Alameda’s Park Street Art and Wine Fair. We are at the East Stage on the corner of Park and Buena Vista, our third year in a row listening to Petty Theft cover “Into the Great Wide Open.”
In the seventh month I have five jobs: Night Auditor, Chess Teacher, Bouncer, and Summer Camp Creative Writing Instructor in Redwood City. The last two are timely. Teaching chess is inconsistent within the summer, reduced to camps or proctoring tourneys. Concerts at the Fillmore are less so when gigs are played outdoors. I look forward to Big Head Todd and the Monsters.
Since July 15, I have watched reruns of the BBC’s Newsnight coverage of an 18-year old Afghan Army quadruple amputee, previously serving with A Company, 2nd Battalion The Yorkshire Regiment in Sangin, Helmand Province. The soldiers were outfitted with small cameras. We do not see Mohammed, but we do see the explosion from behind the wall, 300 meters from their base. He is recovered from the blast, medivaced to a hospital where after many surgeries stated how much he wanted to serve his country. Later, the soldiers regret Mohammed’s lack of options, unlike what is available in England.
Ambition is disabling an I.E.D. is risking disability. I am learning not to feel guilty to not have continued the army route. My deliberate scar undeterred and resisting therapy.
In Chess, I correct first graders at the Chinese Christian school that the proper word is “Capture” and not “Kill.” But the boys want to explode the board. How was it my own son has avoided laying gratuitous waste the men on the board. Nearing his 6th birthday, his game is pure tactics, controlling the center, zonal, looking for the pin, developing his opponent’s quagmire.
July 10 was a sports day beginning with the World Cup third place game at Speisekammer, I ordered from the kinderkarte a Gegrillte Bratwurst mit Sauerkraut. For myself, French Fries and a Spaten Oktoberfest. Germany defeats Uruguay (3-2). Perhaps 200 soccer fans crammed the three dining rooms, each screening the game. I enjoyed the thrill of victory, vicariously of course. Alas, the Netherlands.
After the game, at home, while I napped for two hours, I left him to restage the World Cup with chess pieces. When I woke, he watching Diamond League coverage. “Wouldn’t your rather go to the track field?” Of course, he likes to run. We ran his equivalent of 14-1000 yard sprints, or 3 laps around the track. Meanwhile, the Alameda All-Stars (Little League) practiced. I was in T-ball his age. So we watched batting practiced. This was his third time to watch kids slightly older play baseball. Behind the fence at home plate, he mimicked the batting stance, observed the individual rituals. I do not remember ever playing catch with my father. Would he? Is he too young to watch Field of Dreams (1989)?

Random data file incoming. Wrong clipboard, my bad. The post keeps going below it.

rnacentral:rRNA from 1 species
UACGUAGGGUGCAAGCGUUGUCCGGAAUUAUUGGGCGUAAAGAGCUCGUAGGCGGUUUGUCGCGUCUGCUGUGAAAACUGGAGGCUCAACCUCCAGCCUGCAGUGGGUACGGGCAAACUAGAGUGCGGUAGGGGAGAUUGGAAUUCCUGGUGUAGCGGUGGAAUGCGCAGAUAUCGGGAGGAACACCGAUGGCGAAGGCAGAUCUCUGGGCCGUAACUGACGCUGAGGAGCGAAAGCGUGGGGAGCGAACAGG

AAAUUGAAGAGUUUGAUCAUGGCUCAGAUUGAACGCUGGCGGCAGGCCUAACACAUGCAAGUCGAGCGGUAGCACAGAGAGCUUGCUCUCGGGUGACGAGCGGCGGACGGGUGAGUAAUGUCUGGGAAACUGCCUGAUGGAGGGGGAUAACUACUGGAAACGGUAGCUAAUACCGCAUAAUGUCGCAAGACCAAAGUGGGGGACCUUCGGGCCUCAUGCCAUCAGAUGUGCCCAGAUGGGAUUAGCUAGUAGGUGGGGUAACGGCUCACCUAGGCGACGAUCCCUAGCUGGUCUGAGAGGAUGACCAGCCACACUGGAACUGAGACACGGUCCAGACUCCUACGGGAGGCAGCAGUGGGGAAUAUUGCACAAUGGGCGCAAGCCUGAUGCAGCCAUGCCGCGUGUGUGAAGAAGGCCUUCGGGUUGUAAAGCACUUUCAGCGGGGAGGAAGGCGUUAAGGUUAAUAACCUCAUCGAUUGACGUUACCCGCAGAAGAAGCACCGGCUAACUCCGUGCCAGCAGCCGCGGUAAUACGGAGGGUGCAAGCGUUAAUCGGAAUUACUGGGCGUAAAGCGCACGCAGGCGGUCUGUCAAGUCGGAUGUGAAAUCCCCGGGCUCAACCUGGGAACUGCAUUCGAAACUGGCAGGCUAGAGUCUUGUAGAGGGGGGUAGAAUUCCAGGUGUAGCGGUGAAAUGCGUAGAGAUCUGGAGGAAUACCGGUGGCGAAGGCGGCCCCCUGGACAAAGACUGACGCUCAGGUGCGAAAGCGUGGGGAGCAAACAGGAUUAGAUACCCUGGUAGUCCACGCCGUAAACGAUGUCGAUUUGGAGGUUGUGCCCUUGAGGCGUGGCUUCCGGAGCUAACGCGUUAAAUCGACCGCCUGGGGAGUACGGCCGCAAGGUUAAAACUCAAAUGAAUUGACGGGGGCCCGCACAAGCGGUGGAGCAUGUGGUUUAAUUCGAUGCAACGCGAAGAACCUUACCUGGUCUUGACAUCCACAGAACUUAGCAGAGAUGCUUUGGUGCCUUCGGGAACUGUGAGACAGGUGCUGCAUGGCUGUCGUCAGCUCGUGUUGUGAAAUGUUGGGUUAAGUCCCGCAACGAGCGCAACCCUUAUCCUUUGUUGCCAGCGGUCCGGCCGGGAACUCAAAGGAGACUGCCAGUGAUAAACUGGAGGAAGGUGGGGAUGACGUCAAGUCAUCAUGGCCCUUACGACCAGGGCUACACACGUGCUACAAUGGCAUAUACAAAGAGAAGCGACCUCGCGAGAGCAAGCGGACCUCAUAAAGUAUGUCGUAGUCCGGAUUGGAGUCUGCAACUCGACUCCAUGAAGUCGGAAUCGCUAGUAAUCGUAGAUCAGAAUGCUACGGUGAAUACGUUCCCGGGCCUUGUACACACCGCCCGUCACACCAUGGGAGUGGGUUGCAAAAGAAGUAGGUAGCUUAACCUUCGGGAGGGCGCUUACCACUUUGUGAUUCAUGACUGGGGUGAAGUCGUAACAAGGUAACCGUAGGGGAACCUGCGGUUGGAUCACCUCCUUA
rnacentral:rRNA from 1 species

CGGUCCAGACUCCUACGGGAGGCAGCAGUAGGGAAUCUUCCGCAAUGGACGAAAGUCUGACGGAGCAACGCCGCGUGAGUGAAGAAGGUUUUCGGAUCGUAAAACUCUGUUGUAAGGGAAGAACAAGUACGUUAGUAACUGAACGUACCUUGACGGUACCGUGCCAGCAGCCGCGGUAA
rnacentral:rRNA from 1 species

The other day, I had installed my mother’s new hand-me-down DVD/VCR player. She can savor the many classics acquired in the 1980s, several them bootlegs. Soon, I will watch the original Tron (1982) in preparation for its sequel. I tested The Phantom Menace (1999), in the process, wondered if it’s time to formally introduce my son to the Star Wars franchise, begin with the first episode in the timeline. Would he appreciate the Jedi Knight’s role maintaining the galaxy’s peace, while searching for harmony in the Force? Or would he dream of podracing, unaware of Anakin’s path to the dark side?
Would he think much of the struggle to find balance between proxy parents? One light, one dark? I faintly remember A New Hope (1977) in Atsugi, Japan. Then my memory confuses the captivity with the Jawas with the escape through the ice in Logan’s Run (1976). Again, my father took me to the movies and no one else.
So a trip to Big 5 for Christmas in July presents: two gloves and baseballs, a ball cap. Maybe a bat? because “If you build it he will come” to catch the baseball with his father. He will wear his Iowa shirt. I will wear mine. I read W.P. Kinsella’s Shoeless Joe (1982) in my English 1A class. “Wilford Brimley” was a huge baseball fan and veteran submariner. Yes, is he old enough for a ghost story in the cornfield?
The FOCUS at UC Berkeley High School Summer Program introduced me to Christmas in July. A scholarship to attend was gift enough. I am teaching my students in Redwood City, class-consciousness, the relationship between wealth and poverty, questioning the sustainability of the American Dream, the metaphorical car. But for every length of independent driving, a roadside bomb will detonate. How much treasure can cushion the path? There is always someone ahead risking detection.
Tiny Tim’s enthusiasm, infectious positivity. Eager. Avid. Optimism. Yoda’s wisdom refines the Poor Laws, preserve and maintain and nurture my son’s compassion. When I was his age living on a military base, my “heroes” were soldiers, fighter pilots, the first out of the landing craft, the first to be shot on the beach, the one’s raising the flag.
So when my son lauds Ivan Basso, Michael Phelps, Apolo Anton Ohno, J.R. Celski, Canadian Hockey, German Soccer, Tyson Gay, or even Olympic Curling, Lindsey Vonn, Shaun White, Phil Dalhausser, Todd Rogers, Peyton Manning, Butler University Bulldogs, Tim Tebow, Texas Longhorns, Stanford Cardinals, Bode Miller, Shani Davis, Jenny Wolf, the Stanley Cup, he goes the distance to ease my pain.
So you haven’t answered the question: What is your favorite Tom Petty song?